That is a product of the generic erosion that we have seenin the third quarter, hopeful strengths have gone now. So, we are down generic erosionsales rate.
Lars Hevreng -Enskilda
Okay, thank you.
Thanks Lars. Next question please.
Our next question comes from Jo Walton from Lehman Brothers.Please go ahead.
Jo Walton - LehmanBrothers
Two quick questions please, within the MedImmune, $212million of operating loss, is that representative of what MedImmune would do ina typical third quarter, or what it is inflated by one-off costs you mentioned,pipeline rationalization, etcetera, is any of that included. And can you giveus some idea of what any one-offs surrounding MedImmune would might be like?
And the second question is a broader question about thedeteriorating outlook in the USmarket where you talk about a lot of competition in some of your key areas.With that knowledge do you believe that you have got the right size of salesforce and promotional effort behind those products to maximize them? Are weseeing some of the decline in the race of prescription growth, because you havepulled back on promotion to a great extent then your peers?
All right. Those are two good questions, Jo, thank you. I'lldo the second question, first about the US and then I will go back to Paulto comment on the MedImmune 212 and whether it's typical or one-off or what wecan say about it. As I have mentioned before with Crestor and I will broadenthat now to include Nexium, Symbicort and on the oncology portfolio. We lookvery carefully at our overall promotional levels. And I said in the statinmarket, we are fully competitive with Lipitor, Vytorin have increased therepromotion a little bit earlier this year, so they are slightly. But, the threeproducts are very close to each other in terms of personnel selling activity,details and calls in the marketplace. I think we are very competitive there andwe haven't pulled back in any way from that. In fact, I think we just targetedright level where we want to be.
With next Nexium, the overall level of promotion in the PPImarket has come down a bit, because the competitors have reduced theirpromotional activity. Nexium is still the leading promoted product both in termof personnel selling, as well as in sampling in the market. And I think ourview is that we are going to maintain our leadership position in promotion andcontinue to differentiate the product into the branded segment of the market,which is, as I said where we need to compete.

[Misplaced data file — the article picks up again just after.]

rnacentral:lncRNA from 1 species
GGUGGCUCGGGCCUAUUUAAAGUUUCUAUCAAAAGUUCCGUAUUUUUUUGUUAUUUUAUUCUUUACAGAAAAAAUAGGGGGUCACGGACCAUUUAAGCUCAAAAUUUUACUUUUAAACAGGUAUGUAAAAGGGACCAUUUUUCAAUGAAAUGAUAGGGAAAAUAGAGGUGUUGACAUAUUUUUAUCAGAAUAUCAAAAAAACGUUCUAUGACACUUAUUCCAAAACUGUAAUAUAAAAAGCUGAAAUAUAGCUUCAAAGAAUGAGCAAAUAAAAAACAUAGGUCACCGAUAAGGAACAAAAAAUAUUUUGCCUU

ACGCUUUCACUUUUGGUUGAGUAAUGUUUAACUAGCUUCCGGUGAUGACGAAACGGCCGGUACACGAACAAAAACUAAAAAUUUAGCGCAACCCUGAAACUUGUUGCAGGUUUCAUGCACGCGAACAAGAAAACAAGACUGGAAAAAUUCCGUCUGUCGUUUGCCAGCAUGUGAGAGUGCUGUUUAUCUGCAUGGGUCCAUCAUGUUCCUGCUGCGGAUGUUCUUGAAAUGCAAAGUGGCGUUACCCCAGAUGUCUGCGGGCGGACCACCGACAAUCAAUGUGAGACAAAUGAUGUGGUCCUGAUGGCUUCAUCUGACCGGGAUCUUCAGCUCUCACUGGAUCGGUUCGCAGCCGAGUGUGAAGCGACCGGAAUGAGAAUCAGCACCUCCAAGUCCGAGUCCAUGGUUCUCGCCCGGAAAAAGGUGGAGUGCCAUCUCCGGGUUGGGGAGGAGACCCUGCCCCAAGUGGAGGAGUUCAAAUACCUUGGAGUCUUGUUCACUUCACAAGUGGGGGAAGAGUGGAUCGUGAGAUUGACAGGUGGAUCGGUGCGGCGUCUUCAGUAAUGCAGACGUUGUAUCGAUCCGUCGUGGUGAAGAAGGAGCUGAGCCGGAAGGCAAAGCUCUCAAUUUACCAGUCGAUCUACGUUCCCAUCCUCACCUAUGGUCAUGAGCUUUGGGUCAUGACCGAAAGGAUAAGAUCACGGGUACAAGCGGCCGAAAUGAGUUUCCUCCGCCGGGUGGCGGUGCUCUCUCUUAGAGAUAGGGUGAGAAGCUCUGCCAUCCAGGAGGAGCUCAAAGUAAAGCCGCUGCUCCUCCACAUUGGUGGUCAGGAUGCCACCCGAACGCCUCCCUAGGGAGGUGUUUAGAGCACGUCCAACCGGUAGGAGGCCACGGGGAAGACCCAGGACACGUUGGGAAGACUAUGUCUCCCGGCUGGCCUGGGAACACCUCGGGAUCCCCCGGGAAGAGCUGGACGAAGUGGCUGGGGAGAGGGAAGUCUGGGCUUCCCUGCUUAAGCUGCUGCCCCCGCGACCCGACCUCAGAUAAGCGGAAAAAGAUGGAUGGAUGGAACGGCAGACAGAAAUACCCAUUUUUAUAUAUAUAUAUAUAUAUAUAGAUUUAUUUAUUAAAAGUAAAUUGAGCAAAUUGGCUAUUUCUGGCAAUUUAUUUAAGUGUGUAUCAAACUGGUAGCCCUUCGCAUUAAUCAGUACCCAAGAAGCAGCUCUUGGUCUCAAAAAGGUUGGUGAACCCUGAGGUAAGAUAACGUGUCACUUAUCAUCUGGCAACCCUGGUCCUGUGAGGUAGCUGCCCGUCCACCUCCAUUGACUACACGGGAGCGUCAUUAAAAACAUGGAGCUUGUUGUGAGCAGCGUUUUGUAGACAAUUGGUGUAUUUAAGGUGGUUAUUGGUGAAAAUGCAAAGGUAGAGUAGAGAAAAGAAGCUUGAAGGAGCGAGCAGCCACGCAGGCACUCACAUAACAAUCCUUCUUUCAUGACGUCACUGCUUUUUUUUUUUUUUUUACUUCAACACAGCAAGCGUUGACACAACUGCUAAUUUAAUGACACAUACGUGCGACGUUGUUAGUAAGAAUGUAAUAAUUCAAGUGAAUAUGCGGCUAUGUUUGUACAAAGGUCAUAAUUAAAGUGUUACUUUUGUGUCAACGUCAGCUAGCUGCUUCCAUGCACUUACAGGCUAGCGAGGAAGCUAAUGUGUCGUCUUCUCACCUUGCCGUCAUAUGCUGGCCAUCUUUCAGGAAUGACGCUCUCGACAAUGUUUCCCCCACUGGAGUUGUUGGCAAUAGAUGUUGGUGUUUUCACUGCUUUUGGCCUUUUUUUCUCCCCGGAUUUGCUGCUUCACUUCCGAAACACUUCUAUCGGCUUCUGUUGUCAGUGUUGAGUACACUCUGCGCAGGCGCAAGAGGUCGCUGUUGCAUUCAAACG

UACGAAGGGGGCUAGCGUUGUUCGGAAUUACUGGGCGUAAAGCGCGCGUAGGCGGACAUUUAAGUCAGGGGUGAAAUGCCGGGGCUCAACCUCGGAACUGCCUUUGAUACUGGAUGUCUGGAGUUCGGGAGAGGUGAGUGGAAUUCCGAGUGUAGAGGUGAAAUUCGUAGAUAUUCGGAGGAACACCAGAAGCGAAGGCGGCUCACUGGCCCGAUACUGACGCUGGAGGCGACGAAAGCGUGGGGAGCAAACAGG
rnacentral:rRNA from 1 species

I don't think that this product is been impacted in any wayby calling back on promotion in this market. We've been very active in direct-to-consumeradvertising there, but we've used it. We [posted] that and can continue to dothat. So, we are reevaluating that program, but it's not a constraintfinancially.
On Symbicort, we have a target audience of where we want tobe. Our promotional activity right now in the first couple of months --actually our call levels are ahead of the call levels for ADVAIR in the market.Our expectation is that we'll be competitive with them with the new productintroduction. We expect we are going to get increased activity at thefront-end. And with our oncology portfolio, I think we have done quite well toremain competitive. Arimidex continues to grow. We now promote Abraxane. The Abraxaneproduct has increased share under our sales force. So, Zoladex, Arimidex,Casodex have all continued to perform reasonably well.
So, no, Jo, I don't think we pull back in way that'simpacted our own. Our other activity -- I think we are right sized. With theportfolio that we have and as we pick some primary care products, hopefullylater in the next couple of years with saxagliptin and dapagliflozin closing aspotentially 6140 and may be even some others, we expect to be busy. And I thinkthose markets are going to continue to be competitive, to the first part ofyour question. But, they are big markets. 70% of PPI market is still $12billion market to compete in and the statin market is going to continue to havea significant segment of use for branded products that are more effective inlowering LDL than generics. It won't be as big as it used to be, but that'sokay. We still need to be there to compete.
Paul do you comment on the MedImmune $212 million and whatyou want say?
Sure. The split is about a $140 million of ongoing operatingloss in Q3. As you would expect the one-offs are about $70 million, Jo.
Jo Walton - LehmanBrothers
And are we expecting more one-offs because it is prettyearly on, I don't know of couple of $100 million before we are through thatprocess?
Yeah. We guided at the half year that there would be morethan $200 million of integration costs and we still expect the bulk of thosecome in 2008, as I said in my presentation.
Jo Walton - LehmanBrothers
Thanks Jo. Next question.
Our next question comes from Mr. Steve Scala from Cowen.Please go ahead, sir.
Steve Scala - Cowen
Thank you. I have several questions. First, what was the taxrate after removing restructuring cost and MedImmune related amortizationderives the core EPS number? And secondly, can you update us on what iscurrently happening relative to the AZLP valuation. And how is the accountingfirm factoring in the risk to Nexium, both from the commercial standpoint aswell as the patent risk. And relatedly, do you have a final answer from FDAregarding the claim of cardiovascular risk with Nexium? Thank you.